Alden Abbott, senior research fellow of the Mercatus Center, advances four reasons in a detailed study on “neo-Brandeisian” legislation, like that of Sen. Amy Klochubar, which would replace the Consumer Welfare Standard. Abbott offers the Cliff Notes in a short primer that spells out the four reasons why the neo-Brandeisian approach is intellectually bankrupt and dangerous.
The Market Is Working for Consumers: The neo-Brandeisians (let’s call them the NBs for now) hang their hats on an Obama Council of Economic Advisors report in 2016 purported to show that economic competition is in decline. Abbott demonstrates that these NB market definitions are overbroad. To put it in lay terms, he shows that big companies love to beat each other’s brains out in ways that are “procompetitive.”
No Reason to Think Breakups Will Help Consumers: NB proposals would “sacrifice major economies of scale and potential efficiencies of integration, harming consumers without offering any proof that the new market structures in reshaped industries would yield consumer or producer benefits.” If, as the NBs want, companies should have to prove in advance that their proposed merger will do no harm, why shouldn’t the government have to do the same?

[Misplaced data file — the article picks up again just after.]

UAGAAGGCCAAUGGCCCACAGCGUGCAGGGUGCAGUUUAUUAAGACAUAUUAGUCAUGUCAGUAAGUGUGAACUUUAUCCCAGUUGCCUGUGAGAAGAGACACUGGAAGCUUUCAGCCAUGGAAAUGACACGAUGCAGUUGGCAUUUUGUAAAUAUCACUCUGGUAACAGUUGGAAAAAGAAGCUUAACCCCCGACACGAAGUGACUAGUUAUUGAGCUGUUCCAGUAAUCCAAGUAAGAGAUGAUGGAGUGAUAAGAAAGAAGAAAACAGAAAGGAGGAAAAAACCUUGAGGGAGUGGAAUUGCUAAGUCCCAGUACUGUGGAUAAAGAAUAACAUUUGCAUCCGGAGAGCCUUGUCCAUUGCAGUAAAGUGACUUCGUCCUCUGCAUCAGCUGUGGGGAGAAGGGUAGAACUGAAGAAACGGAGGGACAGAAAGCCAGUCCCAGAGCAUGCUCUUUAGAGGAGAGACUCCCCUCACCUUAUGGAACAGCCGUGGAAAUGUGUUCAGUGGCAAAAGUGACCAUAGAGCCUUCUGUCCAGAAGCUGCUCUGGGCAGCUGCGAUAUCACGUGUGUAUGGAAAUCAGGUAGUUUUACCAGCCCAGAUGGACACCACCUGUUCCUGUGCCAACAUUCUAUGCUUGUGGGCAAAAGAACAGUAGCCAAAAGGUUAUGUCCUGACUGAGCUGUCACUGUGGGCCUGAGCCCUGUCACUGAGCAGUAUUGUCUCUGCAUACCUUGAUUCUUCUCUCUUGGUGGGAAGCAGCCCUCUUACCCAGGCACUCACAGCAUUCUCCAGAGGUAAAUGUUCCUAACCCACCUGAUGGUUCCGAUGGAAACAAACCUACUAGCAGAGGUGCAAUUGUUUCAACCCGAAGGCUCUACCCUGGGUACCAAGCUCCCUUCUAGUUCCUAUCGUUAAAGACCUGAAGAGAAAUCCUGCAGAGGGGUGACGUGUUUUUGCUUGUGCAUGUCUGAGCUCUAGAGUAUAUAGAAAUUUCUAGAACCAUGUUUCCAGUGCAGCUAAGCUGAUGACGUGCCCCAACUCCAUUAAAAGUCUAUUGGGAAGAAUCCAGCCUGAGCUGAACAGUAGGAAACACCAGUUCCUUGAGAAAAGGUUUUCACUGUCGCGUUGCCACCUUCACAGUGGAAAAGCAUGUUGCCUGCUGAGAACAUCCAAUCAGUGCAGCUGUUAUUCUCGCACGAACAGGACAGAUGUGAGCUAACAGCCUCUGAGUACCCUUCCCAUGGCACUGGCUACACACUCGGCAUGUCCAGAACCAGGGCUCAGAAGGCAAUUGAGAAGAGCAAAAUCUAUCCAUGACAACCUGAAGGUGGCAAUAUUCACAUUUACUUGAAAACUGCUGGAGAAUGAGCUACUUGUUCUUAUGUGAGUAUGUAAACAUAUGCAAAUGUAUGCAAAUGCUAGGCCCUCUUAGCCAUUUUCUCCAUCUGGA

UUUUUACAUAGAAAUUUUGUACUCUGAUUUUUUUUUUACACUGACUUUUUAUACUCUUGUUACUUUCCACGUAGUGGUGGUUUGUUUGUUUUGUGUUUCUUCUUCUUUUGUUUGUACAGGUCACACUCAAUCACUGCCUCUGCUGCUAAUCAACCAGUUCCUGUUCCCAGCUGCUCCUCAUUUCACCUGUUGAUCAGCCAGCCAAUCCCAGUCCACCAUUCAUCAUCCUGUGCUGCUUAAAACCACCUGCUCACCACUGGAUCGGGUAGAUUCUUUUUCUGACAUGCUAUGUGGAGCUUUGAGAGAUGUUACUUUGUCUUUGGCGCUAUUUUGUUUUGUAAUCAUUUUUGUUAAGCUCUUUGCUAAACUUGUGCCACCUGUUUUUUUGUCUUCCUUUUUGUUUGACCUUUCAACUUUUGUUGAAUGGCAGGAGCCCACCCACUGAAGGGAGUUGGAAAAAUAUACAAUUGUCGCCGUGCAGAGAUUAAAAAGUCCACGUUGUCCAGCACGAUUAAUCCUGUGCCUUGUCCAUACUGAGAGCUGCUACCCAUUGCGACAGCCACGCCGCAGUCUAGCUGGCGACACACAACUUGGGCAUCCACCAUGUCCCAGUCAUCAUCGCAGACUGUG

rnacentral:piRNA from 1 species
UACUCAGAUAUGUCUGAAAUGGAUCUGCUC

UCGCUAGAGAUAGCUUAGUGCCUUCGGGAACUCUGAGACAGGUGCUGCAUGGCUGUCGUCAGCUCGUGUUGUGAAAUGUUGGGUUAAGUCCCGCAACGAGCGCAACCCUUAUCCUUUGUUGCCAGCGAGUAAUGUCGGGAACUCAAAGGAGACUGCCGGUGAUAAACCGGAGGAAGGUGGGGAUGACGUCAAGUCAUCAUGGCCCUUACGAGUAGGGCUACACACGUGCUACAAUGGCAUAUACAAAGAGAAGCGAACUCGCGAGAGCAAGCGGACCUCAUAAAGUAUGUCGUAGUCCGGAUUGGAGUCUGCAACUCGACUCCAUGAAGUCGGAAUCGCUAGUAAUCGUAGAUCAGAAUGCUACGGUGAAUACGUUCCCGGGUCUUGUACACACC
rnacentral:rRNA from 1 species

Nebulous Metrics Like ‘Fairness’ Will Create Confusion: The NBs also call for new factors in antitrust, such as “fairness” and interests of labor and the environment. “There is no neutral principle for assigning weights to such divergent interests and … there are no economic tools for accurately measuring how a transaction under review would affect those interests,” Abbott writes. This would promote inefficiency in production – meaning higher prices, less innovation and fewer choices – and “promote arbitrariness in enforcement decisions.”
No Solution for Social Media Gripes: Finally, Abbott writes, that people on the right and left who are frustrated with big social media companies are reaching for an axe when they need a scalpel. All of business will suffer with a neo-Brandeisian approach to antitrust, which is another way of saying the economy and consumers will suffer, too.
Enough with the “neos.” The Brandeis approach didn’t work the first time, which is why the U.S. Supreme Court threw it out and has eagerly embraced the Consumer Welfare Standard since 1979.